AGE: Would rather not say.
FAMILY: Two adult daughters who are married each with a young son.
WHERE WERE YOU BORN?
I was born in Huddersfield, Yorkshire.
WHAT WAS YOUR CHILDHOOD LIKE?
I was an only child of firm but loving parents. We were not poor but certainly not well-off either. Picnics in the hills and two weeks each August by the sea were the highlights. We got a car when I was seven but never had a TV. We attended church every Sunday morning and took a fairly sedate walk every Sunday afternoon around lanes often featured on the TV comedy Last of the Summer Wine. My mother never worked, made all my clothes, cooked two full meals a day, kept an immaculate house and garden and still read to me for hours and took me to the swings in the park. When I became a mother I decided she had been Wonder Woman.
TELL US A CHILDHOOD MEMORY.
I loved dancing and still remember my horror when I saw the mess my new red tap shoes had made on the polished wood floor beneath our bay window. I must have been about four years old. Other memories of childhood are vivid and many but here is one that belongs to our industrial past: the smell of the lanolin on the men and women’s clothes as they crammed into the trolley bus at the end of their shift, the women with rollers in under chiffon scarves, my mother hated being on that bus, she’d rush through the shopping to get home before the mills came out.
WHAT DID YOU WANT TO DO WHEN YOU LEFT SCHOOL?
I planned to teach, my dolls were all very well-schooled.
HOW DID YOUR CAREER PROGRESS?
After university, where I read French, I decided to go into industry instead of teaching. By that time the work had widened for women and I joined a plastics company in the marketing department and later went to British Leyland. As was often the case with my generation, I took a break when I had my first daughter. Joining an Estate Agent as a Negotiator was not so much planned as happened upon, but I loved it from day one and that is over 27 years ago now.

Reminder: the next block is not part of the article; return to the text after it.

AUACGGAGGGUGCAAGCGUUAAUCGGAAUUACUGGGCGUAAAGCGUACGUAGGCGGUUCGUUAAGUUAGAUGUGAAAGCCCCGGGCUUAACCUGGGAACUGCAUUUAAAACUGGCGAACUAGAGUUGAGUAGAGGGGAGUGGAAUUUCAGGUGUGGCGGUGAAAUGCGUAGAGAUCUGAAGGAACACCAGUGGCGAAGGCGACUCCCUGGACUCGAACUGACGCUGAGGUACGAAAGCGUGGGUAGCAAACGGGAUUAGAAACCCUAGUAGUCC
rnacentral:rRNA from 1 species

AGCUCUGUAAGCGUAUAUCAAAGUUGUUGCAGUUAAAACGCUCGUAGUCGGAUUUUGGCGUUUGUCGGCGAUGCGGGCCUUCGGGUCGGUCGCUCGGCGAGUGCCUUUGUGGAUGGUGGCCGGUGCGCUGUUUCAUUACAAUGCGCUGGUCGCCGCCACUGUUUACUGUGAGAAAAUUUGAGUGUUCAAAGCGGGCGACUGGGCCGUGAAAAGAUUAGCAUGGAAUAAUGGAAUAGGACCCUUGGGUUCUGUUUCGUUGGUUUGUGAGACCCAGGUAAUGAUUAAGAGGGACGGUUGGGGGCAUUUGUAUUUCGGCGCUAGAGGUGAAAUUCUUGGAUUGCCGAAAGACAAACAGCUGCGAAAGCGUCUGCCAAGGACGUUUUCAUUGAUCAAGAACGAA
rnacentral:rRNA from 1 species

HOW DID YOU GET INVOLVED WITH the SOROPTIMISTS?
I was asked to join the Management Committee of Wilford House, a residential home for the elderly on Wolverhampton Road Stafford. This Home is supported by Soroptimist International of Stafford and I was subsequently invited to one of their meetings. I joined the Club in early 1992 when Kate Brade was President.
WHAT ARE YOU MOST PROUD OF?
Bringing my business through the recession and continuing to ensure that the people in Penkridge and surrounding villages are able to move home despite difficult times.
DO YOU HAVE ANY REGRETS?
I do sometimes wish I had taken up my place at King’s College to do the PGCSE and at least tried out my childhood dream of teaching. But then again maybe I would never have become a Soroptimist.
WHAT ARE YOUR FUTURE AIMS/AMBITIONS?
I aim to lead a full and active life as long as I possibly can.
Whatever I am driving at the time, currently VW Passat.
I am a member of the ramblers, have a largish garden to maintain, sewing and reading. I am a Soroptimist and as president it does absorb a good deal of time.
FAVOURITE HOLIDAY DESTINATION:
Anywhere where I can de-stress, beautiful cities, mountains, sunshine, sea.
FAVOURITE FOOD & DRINK:
Wine & chocolate, but beef from our local farms is excellent too.
Frankly, I only read the local press these days. I get the majority of my news from the BBC on the internet.
I read a lot. Testament of Youth by Vera Britten and Flora Thompson’s Lark Rise to Candleford have both been re-read at various times but I would probably stick with Jane Austen’s Persuasion.
I’d rather not say.
THINGS YOU LOVE/HATE:
The English countryside, the wonderful sites and houses cared for by the National Trust. Family and friends, Soroptimism, which has given me an opportunity to meet women in many different jobs. Our activities have widened my horizons and challenged my ideas/I hate violence against women first and foremost, from domestic abuse to female genital mutilation. Soroptimism gives me a chance to do something about that so it is more than a vague feeling. I also do not like marketing men selling the “girls wear pink and play with pastel coloured Lego” view on life. We really thought we’d gone beyond all that in the late 70s, I find it sad. Also bad manners, being shoved off pavements by cyclists, chewing gum.